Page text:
If you ever decide to do some looking into your family history, and you make it back to, say, the early 1700s, you will probably see one or more dates written like this: Jan 7, 1719/20. Unlike what you might think, that doesn’t mean the author was unsure of what year the event happened in, so they wrote both; rather, it indicates the event occurred on Jan 7 of… either 1719 or 1720, depending on whether you go by the contemporary calendar of the time, or our modern calendar today. And, making matters worse, it was not a Jan 7 that was an even number of years removed from this year’s Jan 7. Worst of all, it may also have reflected a culture that didn’t acknowledge the new year until the end of March. March?
I know, “clear as mud.”
If you’re scratching your head at all this, the problem stems from a major disruption in the measurement of time that occurred when Europe, and Europe’s colonies, switched – slowly, over several years – from the calendar that had been employed by the Romans, aka the Julian calendar, to an updated system, adopted by Pope Gregory, aka the Gregorian calendar.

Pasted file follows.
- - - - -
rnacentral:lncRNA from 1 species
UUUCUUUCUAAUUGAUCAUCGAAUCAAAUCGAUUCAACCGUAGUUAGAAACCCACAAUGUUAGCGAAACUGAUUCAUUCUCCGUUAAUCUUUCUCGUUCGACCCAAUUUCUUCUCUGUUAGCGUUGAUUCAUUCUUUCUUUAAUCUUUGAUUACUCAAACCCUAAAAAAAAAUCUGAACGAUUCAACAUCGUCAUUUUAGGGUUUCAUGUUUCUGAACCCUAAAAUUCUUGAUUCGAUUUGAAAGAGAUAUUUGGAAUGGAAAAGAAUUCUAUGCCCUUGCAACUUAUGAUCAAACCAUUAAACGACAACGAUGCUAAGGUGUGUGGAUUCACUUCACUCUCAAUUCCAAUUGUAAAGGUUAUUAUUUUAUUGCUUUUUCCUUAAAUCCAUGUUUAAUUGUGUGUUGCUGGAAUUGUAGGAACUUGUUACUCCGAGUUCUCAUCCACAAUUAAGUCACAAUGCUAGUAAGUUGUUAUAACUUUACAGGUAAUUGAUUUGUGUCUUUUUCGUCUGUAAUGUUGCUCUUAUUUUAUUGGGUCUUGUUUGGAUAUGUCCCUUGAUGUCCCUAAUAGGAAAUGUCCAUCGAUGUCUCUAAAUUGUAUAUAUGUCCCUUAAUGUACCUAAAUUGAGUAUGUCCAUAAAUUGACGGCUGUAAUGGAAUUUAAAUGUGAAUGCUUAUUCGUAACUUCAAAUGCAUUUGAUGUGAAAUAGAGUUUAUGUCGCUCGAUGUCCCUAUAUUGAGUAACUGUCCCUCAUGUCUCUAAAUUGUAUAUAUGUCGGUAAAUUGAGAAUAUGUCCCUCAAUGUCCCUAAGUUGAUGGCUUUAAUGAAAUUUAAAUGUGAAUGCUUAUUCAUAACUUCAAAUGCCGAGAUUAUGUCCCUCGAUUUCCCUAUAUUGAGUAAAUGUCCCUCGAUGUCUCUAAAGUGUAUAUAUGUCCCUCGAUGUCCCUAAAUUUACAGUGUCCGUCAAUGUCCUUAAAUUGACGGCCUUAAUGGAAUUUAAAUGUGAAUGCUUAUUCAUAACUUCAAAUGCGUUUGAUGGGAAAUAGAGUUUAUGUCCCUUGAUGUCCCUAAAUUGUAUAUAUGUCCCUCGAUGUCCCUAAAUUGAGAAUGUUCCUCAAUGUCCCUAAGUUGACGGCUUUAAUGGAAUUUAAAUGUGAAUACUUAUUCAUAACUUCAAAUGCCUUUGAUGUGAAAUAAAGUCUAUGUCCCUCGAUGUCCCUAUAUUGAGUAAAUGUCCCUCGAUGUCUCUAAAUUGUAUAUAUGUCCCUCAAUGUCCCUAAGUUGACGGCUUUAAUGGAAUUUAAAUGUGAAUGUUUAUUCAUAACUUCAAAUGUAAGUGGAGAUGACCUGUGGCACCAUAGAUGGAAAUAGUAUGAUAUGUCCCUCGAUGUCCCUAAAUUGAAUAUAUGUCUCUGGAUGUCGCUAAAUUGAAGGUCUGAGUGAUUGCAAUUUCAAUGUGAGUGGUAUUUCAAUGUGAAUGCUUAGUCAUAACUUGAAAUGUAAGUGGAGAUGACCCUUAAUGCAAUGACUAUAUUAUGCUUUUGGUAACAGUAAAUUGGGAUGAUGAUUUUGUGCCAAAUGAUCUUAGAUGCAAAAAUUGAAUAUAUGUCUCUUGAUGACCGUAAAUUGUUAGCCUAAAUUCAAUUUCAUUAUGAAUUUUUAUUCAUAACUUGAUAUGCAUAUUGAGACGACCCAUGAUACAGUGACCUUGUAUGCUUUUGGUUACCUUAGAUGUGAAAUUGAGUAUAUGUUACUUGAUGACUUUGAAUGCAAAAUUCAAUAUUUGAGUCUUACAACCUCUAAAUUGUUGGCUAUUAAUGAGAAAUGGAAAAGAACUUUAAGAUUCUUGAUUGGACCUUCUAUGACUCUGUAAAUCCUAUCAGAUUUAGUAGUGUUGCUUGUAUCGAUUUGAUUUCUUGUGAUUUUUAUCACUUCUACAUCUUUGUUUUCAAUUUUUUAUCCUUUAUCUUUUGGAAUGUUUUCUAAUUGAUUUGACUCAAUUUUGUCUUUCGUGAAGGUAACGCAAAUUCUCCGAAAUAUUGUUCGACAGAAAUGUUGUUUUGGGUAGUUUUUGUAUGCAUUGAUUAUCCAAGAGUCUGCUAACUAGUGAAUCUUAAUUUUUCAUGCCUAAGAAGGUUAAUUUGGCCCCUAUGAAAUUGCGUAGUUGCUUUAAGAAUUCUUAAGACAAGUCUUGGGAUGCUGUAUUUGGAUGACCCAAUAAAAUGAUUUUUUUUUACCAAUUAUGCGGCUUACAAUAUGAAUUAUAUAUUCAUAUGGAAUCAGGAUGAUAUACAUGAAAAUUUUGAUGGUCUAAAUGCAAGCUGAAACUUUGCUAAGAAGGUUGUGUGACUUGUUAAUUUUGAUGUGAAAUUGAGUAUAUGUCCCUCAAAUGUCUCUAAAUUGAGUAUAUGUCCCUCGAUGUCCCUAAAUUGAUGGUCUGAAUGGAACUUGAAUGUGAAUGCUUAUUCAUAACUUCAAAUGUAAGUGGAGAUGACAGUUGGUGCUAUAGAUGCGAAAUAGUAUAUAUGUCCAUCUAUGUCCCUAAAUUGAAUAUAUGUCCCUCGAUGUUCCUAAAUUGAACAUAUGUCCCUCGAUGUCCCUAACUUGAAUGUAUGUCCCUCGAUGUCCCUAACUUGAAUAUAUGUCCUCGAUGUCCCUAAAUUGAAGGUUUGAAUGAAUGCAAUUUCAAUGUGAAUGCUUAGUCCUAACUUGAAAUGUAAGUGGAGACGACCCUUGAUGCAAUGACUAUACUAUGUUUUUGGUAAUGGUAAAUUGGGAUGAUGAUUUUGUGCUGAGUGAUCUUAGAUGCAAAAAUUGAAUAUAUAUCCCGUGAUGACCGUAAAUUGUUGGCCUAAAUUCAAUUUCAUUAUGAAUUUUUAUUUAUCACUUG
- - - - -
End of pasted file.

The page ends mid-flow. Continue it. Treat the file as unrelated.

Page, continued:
This is not a minor point.
It affects the citation of all “early” colonial historical dates in a meaningful way, and the explanation below is, I’m sorry to say, actually worth wading through…
The Julian and the Gregorian Calendars
by Peter Meyer
The Gregorian Reform
The average length of a year in the Julian Calendar [the calendar put in place by Julius Caesar] is 365.25 days (one additional day being added every four years). The length of the year in the Julian Calendar exceeds the length of the mean solar year (365.24219 mean solar days to five decimal places) by 11.2 minutes. This error accumulates so that after 128 years the calendar is out of sync with the equinoxes and solstices by one day. Thus as the centuries passed the Julian Calendar became increasingly inaccurate with respect to the seasons. This was especially troubling to the Christian Church because it affected the determination of the date of Easter, which, by the 16th Century, was well on the way to slipping into Summer.